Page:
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Why Anya Taylor-Joy’s Cameo in Dune: Part Two is Such a Game-Changer


US British actress Anya Taylor-Joy poses on the red carpet upon arrival for the World premiere of th...
Dune: Part Two
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One week before Dune: Part Two hit theaters, Anya Taylor-Joy joined the cast at the premiere of the film in London. At that time, she confirmed that yes, she’s totally in the movie. Several fans guessed right away what role she was playing, and now that the movie is out, we can say... everyone was pretty much right.

And yet, the way Anya Taylor-Joy’s character is incorporated into Dune: Part Two is very surprising, mostly because it’s a big change from the novel. Here’s what to know about this surprising Dune: Part Two role, and how it might set up Dune 3.

Warning! Spoilers ahead for Dune: Part Two.

Who is Alia in Dune?

Rebecca Ferguson and Anya Taylor-Joy attending the premiere of Dune: Part Two.

Gareth Cattermole/Getty Images Entertainment/Getty Images

In Dune: Part Two, Anya Taylor-Joy plays Alia Atreides, Paul’s sister and Jessica’s daughter. Although she is literally in the womb the entire movie and never speaks her own name, Taylor-Joy is playing Alia.

In the book, because Jessica ingests the Water of Life (sandworm bile!) as part of the ceremony to become the Reverend Mother of the Fremen, this causes Alia to be born with all the memories of her ancestors and emerge from the womb already talking and fully aware.

However, throughout the present of Dune: Part Two, Alia is in an embryonic state and isn’t born. So, unlike the book, the film ends with Jessica still pregnant even though she’s been chatting with the unborn Alia the whole time. We hear Taylor-Joy’s voice in the movie's final scenes as she says, “What is happening, mother?”

In another change from the book, the adult version of Alia is glimpsed by Paul in one of his prescient visions of the future, and it’s in this context that Taylor-Joy appears as Alia in Dune: Part Two, which foreshadows her pivotal influence in the subsequent two novels, Dune Messiah and Children of Dune. To be clear, although Taylor-Joy’s Alia does present a faithful-ish version of the character from those two novels, the idea that Paul has a future vision of his grown-up unborn sister is unique to Dune: Part Two and is not a thing that happens in the first Dune novel.

How Alia’s story changes Dune canon

Alia (Alicia Witt) in the 1984 Dune.

Warner Bros

The fact that Alia is not born in the present of Dune: Part Two changes several plot details of the first novel. First, this decision significantly shortens the amount of time that passes in the second half of the novel. Instead of roughly two years of fighting against the Harkonnens and rallying the Fremen, Dune: Part Two has Paul’s ascendence happen in less than nine months. Indeed, as Irulan’s diary entries confirm, we’re still in 10,191, the same year as the first film.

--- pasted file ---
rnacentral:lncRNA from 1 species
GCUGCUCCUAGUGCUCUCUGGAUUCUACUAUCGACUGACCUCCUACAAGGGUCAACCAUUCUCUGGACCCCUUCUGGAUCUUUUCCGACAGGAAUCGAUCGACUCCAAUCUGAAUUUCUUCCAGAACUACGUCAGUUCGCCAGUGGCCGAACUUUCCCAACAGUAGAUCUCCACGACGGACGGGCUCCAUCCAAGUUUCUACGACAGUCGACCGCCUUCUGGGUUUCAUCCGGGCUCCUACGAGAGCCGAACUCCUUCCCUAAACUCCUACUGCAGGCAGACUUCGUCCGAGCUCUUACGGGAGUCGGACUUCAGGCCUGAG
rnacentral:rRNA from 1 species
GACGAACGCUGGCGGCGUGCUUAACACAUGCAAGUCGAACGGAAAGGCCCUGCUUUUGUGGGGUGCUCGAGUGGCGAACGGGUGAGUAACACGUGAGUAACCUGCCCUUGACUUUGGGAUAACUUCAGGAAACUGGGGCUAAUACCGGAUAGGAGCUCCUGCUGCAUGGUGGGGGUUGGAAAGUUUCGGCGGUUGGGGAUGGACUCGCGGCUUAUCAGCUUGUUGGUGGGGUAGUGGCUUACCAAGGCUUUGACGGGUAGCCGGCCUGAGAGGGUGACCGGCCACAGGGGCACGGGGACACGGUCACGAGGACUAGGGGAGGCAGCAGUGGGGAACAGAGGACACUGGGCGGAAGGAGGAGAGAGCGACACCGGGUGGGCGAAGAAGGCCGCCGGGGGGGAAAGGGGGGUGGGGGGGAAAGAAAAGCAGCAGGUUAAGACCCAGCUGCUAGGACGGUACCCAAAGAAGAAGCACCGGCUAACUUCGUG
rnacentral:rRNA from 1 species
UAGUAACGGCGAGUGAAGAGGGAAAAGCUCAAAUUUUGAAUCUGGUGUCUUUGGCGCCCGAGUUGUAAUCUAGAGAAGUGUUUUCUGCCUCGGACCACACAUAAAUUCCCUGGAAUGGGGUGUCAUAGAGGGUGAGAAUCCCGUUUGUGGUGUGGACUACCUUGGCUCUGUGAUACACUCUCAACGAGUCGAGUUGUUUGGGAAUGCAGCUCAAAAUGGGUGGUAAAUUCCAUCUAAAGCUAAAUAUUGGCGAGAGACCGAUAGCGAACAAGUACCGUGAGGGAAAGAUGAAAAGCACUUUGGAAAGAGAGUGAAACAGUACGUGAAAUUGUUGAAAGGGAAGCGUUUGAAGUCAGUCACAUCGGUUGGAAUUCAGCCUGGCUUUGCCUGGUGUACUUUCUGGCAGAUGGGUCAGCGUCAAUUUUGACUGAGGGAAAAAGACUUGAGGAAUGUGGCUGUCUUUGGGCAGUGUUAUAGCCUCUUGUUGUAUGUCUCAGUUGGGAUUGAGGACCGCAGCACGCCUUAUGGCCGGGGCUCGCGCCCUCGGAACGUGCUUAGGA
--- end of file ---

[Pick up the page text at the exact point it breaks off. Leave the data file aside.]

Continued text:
In the novel, Alia is born as a super-powered baby, able to talk as a newborn because she possesses all the memories of her ancestors. In Dune: Part Two, we see the event that leads to this: Jessica takes the Water of Life in order to become the Fremen’s Reverend Mother, giving her all the collective memories of the Fremen. This action changes Alia in the womb, and sets her on a path to that leads Bene Gesserit in the second and third books to call her a “preborn abomination.”

By the third book, Children of Dune, Alia pulls a Kylo Ren, and colludes with the memory/spirit of her grandfather, Baron Harkonnen, to gain more power. Before that, in Dune Messiah, she falls in love with the Mentat clone of Duncan Idaho, initially known as “Hayt.”

But, for Anya Taylor-Joy’s Alia, all of that is in the future. For now, what Dune: Part Two doesn’t do is depict Alia as a walking, talking, wise-beyond-her-years murder baby. In the novel, it is baby Alia who slays the Baron, which is why in the future she’s known as “Alia of the Knife.” In the new film, Paul takes out the Baron, which is a huge change from the book, and arguably robs Alia of her most memorable moment from the original novel.

Both the 1984 and 2000 movie versions of Dune faithfully recreated this idea, with the child Alia being played by Alicia Witt and Laura Burton, respectively. Before Taylor-Joy, the only person to have played Alia as an adult is Daniela Amavia in 2003’s Children of Dune.

Will Alia be in Dune 3... or Dune 4?

Don’t mess with Alia, or her mother Lady Jessica.

Warner Bros.

We don’t yet know if Denis Villeneuve will make a third Dune film, but Taylor-Joy’s appearance in Dune: Part Two strongly suggests that the story could continue in at least one more movie. That said, if Villeneuve did create a third Dune movie based only on the events of Dune Messiah, he would, again, need to futz with the timeline. Just as Timothée Chalamet is a little older in the films than Paul is in the book, Alia would need to be older than a teenager to match up with the fact that Anya Taylor-Joy is clearly not a teenager.

So, the glimpse of the adult Alia in Dune: Part Two isn’t just tantalizing because it suggests the possibility of a film adaptation of Dune Messiah, the second book. Instead, because Anya Taylor-Joy is 27 years old in real life, she’s actually a closer match for Alia in Children of Dune, the third book. Villeneuve has been adamant that he’s only interested in making one more Dune film after Dune 2, and that the hypothetical movie would adapt the events of Messiah. And yet, by casting Anya Taylor-Joy in Dune 2, Villeneuve has already, at least partially, adapted the third novel, too.

Dune: Part Two is out in theaters now.

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